(Please forgive my late pass on talking about this since apparently it was all the rage to talk weeks ago according to Liz.)
Recently, 60 Minutes did a piece on the decision by a small publishing company in Montgomery, Alabama, NewSouth Books, that decided to replace the word “nigger” in the American classic, Mark Twain’s The Adventures of Huckleberry Finn with the word “slave”. And while I understand the logic behind doing so, I think it’s both a cop out and ultimately does a great disservice to both Mark Twain and history.
But let’s backtrack a bit.
Huck Finn might be one the most divisive books in the American educational system, if not the most divisive. Some schools ban the book because of the language and use of the dreaded n-word, while others teach it from a distance being very careful to talk about the use of the word while never actually saying it out loud. Hell, I went to a high school that refused to teach the book. Which I always found odd considering that, well, I went to a high school where race relations fell apart after the OJ verdict and a sizable percentage of the white folks wore the confederate flag as a sign of things to (hopefully) come.
Let’s be real, if a white person were to use that term, most of us would be ready to resort to violence. The word still has power. It always will. No matter how we try to pretend that it doesn’t, or how often we (including myself) use it as a term of endearment or listen to songs by A Tribe Called Quest that make no sense whatsoever but are called “Sucka Nigga,” the word will remain revered and controversial. Nothing new there. White folks know this and Black folks know this.
With that, I understand the logic behind wanting to remove the word from a book that is largely not taught because of it. In the 60 Minutes segment, the publisher who removed the word said that it still allows for the teachable moment to exist, but I think that’s wrong. A University of Oregon professor, David Bradely, basically spoke my thoughts when he said that removing the word deprives students of the teachable moment.
“You use the term ‘teachable moment’ and that’s what n*&^%$ gives you. That’s why it’s important to keep it in there,” says the author and Mark Twain scholar. “I call “Huckleberry Finn” a power tool when it comes to education,” says Bradley. “There are so many things [in it] that pry things open…That teachable moment is when that word hits the table in a classroom. Everybody goes ‘wooh’ Okay, let’s talk about it.”
“It’s not ‘Huckleberry Finn” anymore,’” counters Bradley. “What are we teaching them [by removing the N-word]? This may be their first encounter with slavery.” He says that to withhold the N-word is to avoid an integral reality. “‘Slave’ is a condition…nothing for anybody to be ashamed of,” says Bradley, “But n*&^%$ has to do with shame…calling somebody something. N*&^%$ is what made slavery possible.”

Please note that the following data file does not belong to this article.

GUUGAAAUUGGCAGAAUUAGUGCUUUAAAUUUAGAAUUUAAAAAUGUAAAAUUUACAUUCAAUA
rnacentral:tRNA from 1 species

To me, one of the biggest problems with race relations in this country is that white people try to pretend that slavery and racism either never existed or are a figment of imaginations. Mind you I’m not blaming everything on white people when it comes to shattered race relations. Black folks think everything’s racist and that can’t exactly help the convo either. It’s impossible to have the conversation necessary when both sides come in completely defensive so that nobody listens.
The removal of this word is proof positive of more “white guilt” or to me an attempt to rewrite history. The n-word is a word that historically was used during the time setting of the book. You can’t just rewrite history to make it more palatable to the masses. That’s that BS the state of Virginia tried to do with their textbooks that insinuated that slaves fought patriotically alongside their white counterparts to preserve their quality of life. History – good, bad, or ugly – is just that, history. It’s what has gotten us to the points we are today…again for good, bad, or ugly.
Plus, I think the way that most people end up engaged in necessary and progressive conversations is via other people’s word and discussion starters. Like Professor Bradley says, when that word is said, in an academic setting, it requires discussion and evaluation, etc. Why even attempt to deprive that potential. Again, I get where the NewSouth Books Publishers are coming from, and in some ways, I think their logic is genuine but misguided. Interesting though isn’t it, that the use of the “word” slave would make something benign, and yet in this case it does.
I feel like Professor Bradely, removing “nigger” removes the potential to fully delve into what the word represents historically and how it’s impacted our nation to today. It doesn’t force the conversation. And like with anything, how can you move past something if you can’t even talk about it.
I’m curious though. What do you think about this publisher’s removal of the n-word and replacing it with “slave”? Does it matter? Is it a good idea or a bad idea?
Where do you stand?
What’s the 411, son?
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